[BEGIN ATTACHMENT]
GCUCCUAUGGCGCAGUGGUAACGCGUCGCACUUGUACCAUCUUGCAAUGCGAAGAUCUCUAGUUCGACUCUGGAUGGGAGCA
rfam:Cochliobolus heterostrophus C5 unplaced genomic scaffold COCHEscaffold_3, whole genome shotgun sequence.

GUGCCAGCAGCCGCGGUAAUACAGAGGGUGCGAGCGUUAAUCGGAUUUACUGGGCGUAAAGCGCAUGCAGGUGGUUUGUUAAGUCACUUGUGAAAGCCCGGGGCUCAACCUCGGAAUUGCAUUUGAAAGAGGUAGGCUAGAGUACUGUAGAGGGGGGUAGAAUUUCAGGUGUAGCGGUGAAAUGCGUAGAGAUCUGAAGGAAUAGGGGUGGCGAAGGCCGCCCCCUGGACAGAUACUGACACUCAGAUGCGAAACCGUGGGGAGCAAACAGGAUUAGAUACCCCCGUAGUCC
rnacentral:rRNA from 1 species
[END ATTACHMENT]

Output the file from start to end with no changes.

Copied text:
GCUCCUAUGGCGCAGUGGUAACGCGUCGCACUUGUACCAUCUUGCAAUGCGAAGAUCUCUAGUUCGACUCUGGAUGGGAGCA
rfam:Cochliobolus heterostrophus C5 unplaced genomic scaffold COCHEscaffold_3, whole genome shotgun sequence.

GUGCCAGCAGCCGCGGUAAUACAGAGGGUGCGAGCGUUAAUCGGAUUUACUGGGCGUAAAGCGCAUGCAGGUGGUUUGUUAAGUCACUUGUGAAAGCCCGGGGCUCAACCUCGGAAUUGCAUUUGAAAGAGGUAGGCUAGAGUACUGUAGAGGGGGGUAGAAUUUCAGGUGUAGCGGUGAAAUGCGUAGAGAUCUGAAGGAAUAGGGGUGGCGAAGGCCGCCCCCUGGACAGAUACUGACACUCAGAUGCGAAACCGUGGGGAGCAAACAGGAUUAGAUACCCCCGUAGUCC
rnacentral:rRNA from 1 species